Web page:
ADOWA DANCE- GHANA
Performed mainly during funerals, festivals, and social gatherings by an African tribal community known as “Ashanti” is a dance form called Adowa. This “tribal” dance is said to have originated in Ghana in the “Ashanti region” located in the southern part of the country. Furthermore, this dance performed mainly by a female who is called “Adowahemma”. In addition, this dance style also includes a lead singer, a chorus, and a group of musicians that play mainly the drums.
a. History/origin of the Adowa Dance:
According to a popular legend, once the queen mother of the “Ashanti” tribe in southern Ghana called “Abrewa Tuta” was extremely sick. And so to cure the queen mother it was recommended that an antelope should be sacrificed. So in response to the recommendation a few warlords set out to capture and kill the animal. Unfortunately, though the animal easily evaded the warlords by using quick feet movements. It was this quick footwork used by the animal that shocked the warlords, who then imitated it, and thereby help create this dance form.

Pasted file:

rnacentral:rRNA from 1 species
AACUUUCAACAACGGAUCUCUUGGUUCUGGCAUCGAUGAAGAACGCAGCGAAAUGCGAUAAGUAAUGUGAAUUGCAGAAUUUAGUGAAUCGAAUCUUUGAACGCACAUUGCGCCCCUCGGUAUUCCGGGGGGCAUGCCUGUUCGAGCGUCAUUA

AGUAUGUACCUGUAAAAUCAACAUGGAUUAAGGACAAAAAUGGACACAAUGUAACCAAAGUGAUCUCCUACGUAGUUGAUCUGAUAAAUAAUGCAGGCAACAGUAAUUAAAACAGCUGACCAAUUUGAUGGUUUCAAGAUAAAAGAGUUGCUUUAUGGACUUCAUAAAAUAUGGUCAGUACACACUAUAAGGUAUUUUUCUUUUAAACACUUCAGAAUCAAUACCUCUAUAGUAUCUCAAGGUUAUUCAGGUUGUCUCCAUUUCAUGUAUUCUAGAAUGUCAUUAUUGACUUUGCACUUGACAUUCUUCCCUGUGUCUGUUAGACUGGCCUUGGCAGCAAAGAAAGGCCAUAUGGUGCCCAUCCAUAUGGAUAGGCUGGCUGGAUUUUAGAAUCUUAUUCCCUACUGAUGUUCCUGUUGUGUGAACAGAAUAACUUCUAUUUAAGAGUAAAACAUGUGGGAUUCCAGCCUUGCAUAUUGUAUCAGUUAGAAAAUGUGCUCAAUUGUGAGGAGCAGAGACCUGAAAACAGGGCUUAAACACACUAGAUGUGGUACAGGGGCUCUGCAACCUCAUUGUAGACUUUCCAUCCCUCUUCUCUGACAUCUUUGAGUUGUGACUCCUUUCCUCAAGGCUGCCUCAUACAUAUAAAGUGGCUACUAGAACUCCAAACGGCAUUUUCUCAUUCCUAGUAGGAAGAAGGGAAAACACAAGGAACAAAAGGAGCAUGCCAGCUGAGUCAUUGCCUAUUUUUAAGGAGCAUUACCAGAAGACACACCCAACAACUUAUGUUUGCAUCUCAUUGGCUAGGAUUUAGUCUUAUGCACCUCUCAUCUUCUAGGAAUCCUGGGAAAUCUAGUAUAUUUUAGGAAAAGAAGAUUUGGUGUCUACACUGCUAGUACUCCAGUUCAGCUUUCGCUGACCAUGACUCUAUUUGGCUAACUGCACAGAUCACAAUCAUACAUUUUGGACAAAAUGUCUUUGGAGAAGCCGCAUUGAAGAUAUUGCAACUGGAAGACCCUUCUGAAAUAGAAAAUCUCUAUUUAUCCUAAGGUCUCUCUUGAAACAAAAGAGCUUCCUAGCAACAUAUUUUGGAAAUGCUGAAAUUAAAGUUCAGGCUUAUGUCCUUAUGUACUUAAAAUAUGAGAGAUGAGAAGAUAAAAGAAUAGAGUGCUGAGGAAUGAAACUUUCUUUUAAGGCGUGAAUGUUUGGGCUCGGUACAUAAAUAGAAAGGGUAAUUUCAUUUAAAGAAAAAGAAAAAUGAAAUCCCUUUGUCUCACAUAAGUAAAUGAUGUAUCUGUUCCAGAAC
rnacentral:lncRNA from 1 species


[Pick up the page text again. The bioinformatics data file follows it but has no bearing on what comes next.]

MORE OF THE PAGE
b. Costumes used in the Adowa Dance:
The costume worn by the performers (mainly females) is a traditional outfit known as “Kente”, and it includes a colourful long dress that exposes the shoulder region. In addition, the performers also use a golden coloured headband and colourful necklaces, armlets, anklets, and nose ring.
c. Music involved in the Adowa Dance:
The musical instruments basically used in this tribal dance form include a double bell known as “dawure”, a single bell called “atoke” , and drums such as atumpan (a pair), an apentemma, a petia, a brenko, and a donno (hourglass drum).
d. Training availability and technique involved in the Adowa Dance:
In terms of technique, this dance requires the performers to sway their body and hands rhythmically to the beats of the music and song sung by lead singer. As for training centres/schools, there are none available around the globe since this “tribal” dance is only performed by a community in Ghana known as “Ashanti”.